Powering the G250 is the Honeywell HTF7250G, a growth version of the HTF7007 turbofan on the super mid-size Bombardier Challenger 300. Normal takeoff take off thrust has been increased to 7,200lb (32kN), up from 6,826lb flat-rating for the HTF7007, with an automatic performance reserve of 7,445lb. Honeywell says it has built and run a version of the engine and is now building flight test engines for Gulfstream. Certification testing for the engine should begin later this year and finish in 2010. 

Honeywell is also providing its 36-150 auxiliary power unit (APU) for the G250, a version that is 10dB quieter than the G200’s Allied Signal unit and can be started at altitudes up to 35,000ft, providing a third backup to the 28V 400 amp DC generators on each engines. Backing up the generators are two 38 amp-hour lead acid batteries and one 6 amp battery exclusively for flight critical instruments.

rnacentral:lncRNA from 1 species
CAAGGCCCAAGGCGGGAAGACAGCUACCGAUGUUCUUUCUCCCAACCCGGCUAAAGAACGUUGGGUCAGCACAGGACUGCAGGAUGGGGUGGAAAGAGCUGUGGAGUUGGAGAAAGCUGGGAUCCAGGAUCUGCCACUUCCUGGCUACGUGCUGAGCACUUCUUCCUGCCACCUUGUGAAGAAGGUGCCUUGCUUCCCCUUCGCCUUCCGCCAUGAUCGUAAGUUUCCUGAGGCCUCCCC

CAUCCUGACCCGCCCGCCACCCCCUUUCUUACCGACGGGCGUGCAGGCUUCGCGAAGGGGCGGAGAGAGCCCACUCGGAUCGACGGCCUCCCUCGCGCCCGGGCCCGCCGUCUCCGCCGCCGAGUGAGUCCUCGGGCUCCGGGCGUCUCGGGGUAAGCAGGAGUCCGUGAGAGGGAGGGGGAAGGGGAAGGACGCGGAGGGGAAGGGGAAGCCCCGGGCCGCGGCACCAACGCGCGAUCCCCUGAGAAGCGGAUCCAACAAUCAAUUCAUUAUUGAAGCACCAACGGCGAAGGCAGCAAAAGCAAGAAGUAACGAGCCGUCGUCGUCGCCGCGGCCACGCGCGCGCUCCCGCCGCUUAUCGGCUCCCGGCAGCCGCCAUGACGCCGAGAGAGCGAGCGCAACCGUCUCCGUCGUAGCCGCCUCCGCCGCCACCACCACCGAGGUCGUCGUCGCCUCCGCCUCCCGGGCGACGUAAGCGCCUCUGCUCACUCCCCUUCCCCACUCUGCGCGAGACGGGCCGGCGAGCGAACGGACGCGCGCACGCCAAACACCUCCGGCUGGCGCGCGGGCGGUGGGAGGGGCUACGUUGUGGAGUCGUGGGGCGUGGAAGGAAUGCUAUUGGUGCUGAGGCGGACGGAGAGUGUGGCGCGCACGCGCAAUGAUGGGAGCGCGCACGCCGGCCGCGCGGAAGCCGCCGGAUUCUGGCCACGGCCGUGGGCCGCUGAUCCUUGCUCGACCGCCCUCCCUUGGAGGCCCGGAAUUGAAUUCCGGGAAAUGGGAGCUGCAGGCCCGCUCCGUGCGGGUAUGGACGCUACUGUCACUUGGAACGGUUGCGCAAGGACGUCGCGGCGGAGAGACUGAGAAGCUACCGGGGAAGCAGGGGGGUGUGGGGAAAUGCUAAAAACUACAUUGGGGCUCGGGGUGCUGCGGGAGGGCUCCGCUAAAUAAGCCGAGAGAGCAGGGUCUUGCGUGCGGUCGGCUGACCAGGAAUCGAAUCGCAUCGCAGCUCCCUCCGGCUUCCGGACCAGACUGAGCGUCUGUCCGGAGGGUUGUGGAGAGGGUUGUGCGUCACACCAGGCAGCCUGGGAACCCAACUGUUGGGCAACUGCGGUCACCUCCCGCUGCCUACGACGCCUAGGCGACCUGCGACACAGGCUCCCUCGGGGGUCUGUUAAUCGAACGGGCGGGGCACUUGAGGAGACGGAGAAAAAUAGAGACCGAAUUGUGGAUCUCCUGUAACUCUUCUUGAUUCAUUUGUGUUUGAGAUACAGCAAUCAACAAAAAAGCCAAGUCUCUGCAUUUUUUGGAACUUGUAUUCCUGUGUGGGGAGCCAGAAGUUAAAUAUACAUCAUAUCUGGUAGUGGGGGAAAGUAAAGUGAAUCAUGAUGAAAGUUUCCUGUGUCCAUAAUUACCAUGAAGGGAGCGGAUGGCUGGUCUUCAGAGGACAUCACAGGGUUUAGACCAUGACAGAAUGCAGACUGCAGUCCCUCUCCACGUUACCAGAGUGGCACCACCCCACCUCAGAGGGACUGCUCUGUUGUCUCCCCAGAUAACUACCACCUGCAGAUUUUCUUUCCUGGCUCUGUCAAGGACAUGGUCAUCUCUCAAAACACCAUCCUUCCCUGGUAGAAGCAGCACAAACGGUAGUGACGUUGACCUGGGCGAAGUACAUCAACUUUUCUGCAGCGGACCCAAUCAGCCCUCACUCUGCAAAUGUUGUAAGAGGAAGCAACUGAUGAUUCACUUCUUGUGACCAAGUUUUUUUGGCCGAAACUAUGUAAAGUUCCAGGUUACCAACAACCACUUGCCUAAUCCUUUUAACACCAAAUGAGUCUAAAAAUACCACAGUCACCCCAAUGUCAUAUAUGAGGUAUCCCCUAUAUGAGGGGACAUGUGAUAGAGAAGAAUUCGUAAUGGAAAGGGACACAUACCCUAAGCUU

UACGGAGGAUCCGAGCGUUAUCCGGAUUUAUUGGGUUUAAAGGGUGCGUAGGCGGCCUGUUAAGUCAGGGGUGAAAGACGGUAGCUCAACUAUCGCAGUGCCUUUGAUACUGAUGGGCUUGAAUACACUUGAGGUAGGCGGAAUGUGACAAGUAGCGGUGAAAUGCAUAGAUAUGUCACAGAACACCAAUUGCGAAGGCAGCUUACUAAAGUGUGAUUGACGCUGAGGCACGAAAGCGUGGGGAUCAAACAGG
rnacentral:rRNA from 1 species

The resulting design promises to carry more than 1,814kg (4,000lb) of payload for nearly 4,630km (2,500nm) or 454kg for 6,297km. That means New York to Paris with four passengers at M0.82 or London to Dubai at the same speed. Competitors with similar cabin sizes would appear to pale in comparison, including the Hawker 4000, Challenger 300 and the G200, according to Gulfstream. The new Embraer Legacy 500, also a super mid-size, has projected payload versus range performance figures similar to the Challenger 300. Maximum cruise altitude is 45,000ft, equivalent to most of its competitors.